PK: I think it’s very nice for young chefs to win Michelin stars but it’s not always a route to success. It’s nothing more than a piece of paper and sometimes these restaurants can fail. But for young chefs to be part of that red book is a dream.
Our second Chef Eats Out event, in partnership with Udale Speciality Foods, will take place at Aiden Byrne’s Manchester House on 8 November. Book your place now!
The Caterer and Udale Speciality Foods have joined forces to host our next Chef Eats Out event at Manchester House on 8 November, where you can have the chance to sample Byrne’s brilliant food among fellow chefs.
The event – for 65 lucky diners – will begin at 12 (noon) and lunch will be followed by a tour of the kitchen. The event is expected to finish at 3pm.
A Taste of Manchester House menu
• Sour dough with roasted chicken butter
• Squid ink rice cracker, cured lemon sole, pickled chipiron squid and smoked red pepper jelly
• Baked potato soup, crisp chicken skin, foie gras ballotine and pink fir apples
• Scallop cured with sushi vinegar, green peppercorns, salted anchovies and pickled turnip
• Squab pigeon with gingerbread, cherries and foie gras
• Grilled turbot with Savoy cabbage, Garstang white and confit cepe
• Braised Bellota pigs cheeks, fermented pear and burnt onion
• Salt aged Goosnargh duck with blackberries, juniper and gin
• Olive oil sorbet, fig jam and goats cheese mousse
• Homemade 70% bitter chocolate
Manchester House would like to thank Udale Speciality Foods and Wellocks for their support of the event.
Executive head chef of Jason Atherton’s Social Wine & Tapas, Frankie Van Loo, will be hosting a collaborative dinner with head chef of The Palomar, Tomer Amedi on Tuesday 13 September.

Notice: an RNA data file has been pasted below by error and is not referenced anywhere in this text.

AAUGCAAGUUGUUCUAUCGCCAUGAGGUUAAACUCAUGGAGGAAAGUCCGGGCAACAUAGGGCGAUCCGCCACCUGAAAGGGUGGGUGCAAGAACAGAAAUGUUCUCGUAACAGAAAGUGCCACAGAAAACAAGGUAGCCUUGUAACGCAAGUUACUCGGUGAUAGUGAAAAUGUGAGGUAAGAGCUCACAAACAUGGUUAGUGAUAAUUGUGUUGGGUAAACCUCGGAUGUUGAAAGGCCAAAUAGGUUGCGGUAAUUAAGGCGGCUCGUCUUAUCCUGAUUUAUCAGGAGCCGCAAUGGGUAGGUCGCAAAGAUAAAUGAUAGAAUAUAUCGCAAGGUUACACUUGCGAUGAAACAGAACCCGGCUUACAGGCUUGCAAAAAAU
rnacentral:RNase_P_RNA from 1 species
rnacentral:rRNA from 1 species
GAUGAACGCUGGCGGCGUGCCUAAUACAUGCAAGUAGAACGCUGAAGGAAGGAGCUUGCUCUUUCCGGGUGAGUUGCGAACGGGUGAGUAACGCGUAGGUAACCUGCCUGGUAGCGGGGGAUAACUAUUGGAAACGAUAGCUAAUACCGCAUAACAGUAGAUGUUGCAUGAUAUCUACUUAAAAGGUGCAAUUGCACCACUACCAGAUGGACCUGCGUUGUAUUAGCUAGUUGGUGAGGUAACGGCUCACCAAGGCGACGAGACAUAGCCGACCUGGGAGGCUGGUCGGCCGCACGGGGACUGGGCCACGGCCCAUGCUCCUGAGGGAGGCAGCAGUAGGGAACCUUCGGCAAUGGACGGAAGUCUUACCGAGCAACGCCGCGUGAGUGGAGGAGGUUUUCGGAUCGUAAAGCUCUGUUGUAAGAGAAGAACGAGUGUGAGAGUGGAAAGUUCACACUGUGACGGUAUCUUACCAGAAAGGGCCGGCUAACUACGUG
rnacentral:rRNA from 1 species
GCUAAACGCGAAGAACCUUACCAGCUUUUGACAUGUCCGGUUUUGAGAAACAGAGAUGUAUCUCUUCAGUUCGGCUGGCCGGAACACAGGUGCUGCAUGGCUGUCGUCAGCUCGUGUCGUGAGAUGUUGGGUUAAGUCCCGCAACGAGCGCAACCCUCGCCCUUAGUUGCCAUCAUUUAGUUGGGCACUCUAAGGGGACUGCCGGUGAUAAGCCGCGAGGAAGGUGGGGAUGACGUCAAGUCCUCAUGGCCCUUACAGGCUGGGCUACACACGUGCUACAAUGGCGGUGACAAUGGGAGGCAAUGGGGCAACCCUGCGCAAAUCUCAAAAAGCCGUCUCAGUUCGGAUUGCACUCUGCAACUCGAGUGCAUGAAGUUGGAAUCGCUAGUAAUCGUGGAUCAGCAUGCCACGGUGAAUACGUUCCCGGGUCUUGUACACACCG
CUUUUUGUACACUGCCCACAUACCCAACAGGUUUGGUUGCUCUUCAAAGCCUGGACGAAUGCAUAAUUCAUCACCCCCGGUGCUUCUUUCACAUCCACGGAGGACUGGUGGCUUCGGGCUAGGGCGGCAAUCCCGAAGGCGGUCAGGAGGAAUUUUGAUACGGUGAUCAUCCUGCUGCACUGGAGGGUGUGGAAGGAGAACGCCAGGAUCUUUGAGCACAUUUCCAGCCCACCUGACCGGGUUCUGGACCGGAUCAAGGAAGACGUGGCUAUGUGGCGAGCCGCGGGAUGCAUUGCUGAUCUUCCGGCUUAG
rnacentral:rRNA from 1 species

With a shared passion for Spanish cuisine, the chefs have curated a menu influenced by the rich cultures of the Iberian Peninsula, combined with the Middle-Eastern influences fundamental to The Palomar’s pioneering approach to cooking.
Second in the series of Social Wine & Tapas’ collaborative dinners and available for one night only, the six-course menu will offer guests the opportunity to experience a selection of dishes chosen by the two chefs to showcase the essence of each restaurant’s style of cooking, while working together harmoniously to deliver a unique experience for the diner.
To begin, guests will enjoy snacks such as Frankie Van Loo’s piquillo pepper croquette with saffron and Tomer Amedi’s chickpeas, octopus and amba, before sampling dishes including Social Wine & Tapas’s Cumbrian Herdwick lamb rack with spiced aubergine, and polenta with wild mushrooms, truffle and yolk from The Palomar.
For dessert, the menu will feature classic Crema Catalana served with Frankie’s twist of crystallised pistachio, followed by stilton cheesecake, apricot, chilli and pumpkin seeds served by Tomer.
Inspired by the recent interest in Middle Eastern wines, Social Wine & Tapas’ Executive Sommelier, Laure Patry, has created a dynamic list of wines from the region to enhance both the flavour profile of each dish and the experience for each guest.
Priced at £55 per person, the dinner is available to book between 6:30pm and 9:00pm. Bookings can be made by emailing email@example.com.
Renowned chef and writer Ronald Kinton will be the guest speaker at a charity luncheon for Hospitality Action on 27 October at the four-AA-star Langham Hotel in Eastbourne, East Sussex.Over 50 years ago, Kinton, alongside Victor Ceserani and David Foskett, wrote the textbooks that formed the basis of chef education in the UK.
Practical Cookery, The Theory of Catering, Kitchen & Larderwork, Food Preparation & Cooking, and Patisserie & Confectionary are still referred to today as indispensable ‘bibles’ of the trade.
Only in recent years, Kinton’s books have been replaced by textbooks written by John Campbell, David Foskett and Victor Ceserani.
Proprietor Neil Kirby said: “My head chef, Michael Titherington, has a 1965 edition of Practical Cookery in the hotel kitchen and was overawed when Ronald Kinton visited the Langham recently. Michael quickly asked him to sign the book for him!
“As so many people within the industry know Ronald Kinton’s books, I hope that a lot of chefs will come to the lunch as it will be a rare opportunity to meet him. He is also working closely with Michael on the menu for the day, so I know there will be some fabulous food and wines being served.”
Hospitality Action provides education and support for past and present hospitality workers who are in need.
The lunch costs £32 per person. Bookings can be made by calling 01323 731451 or email firstname.lastname@example.org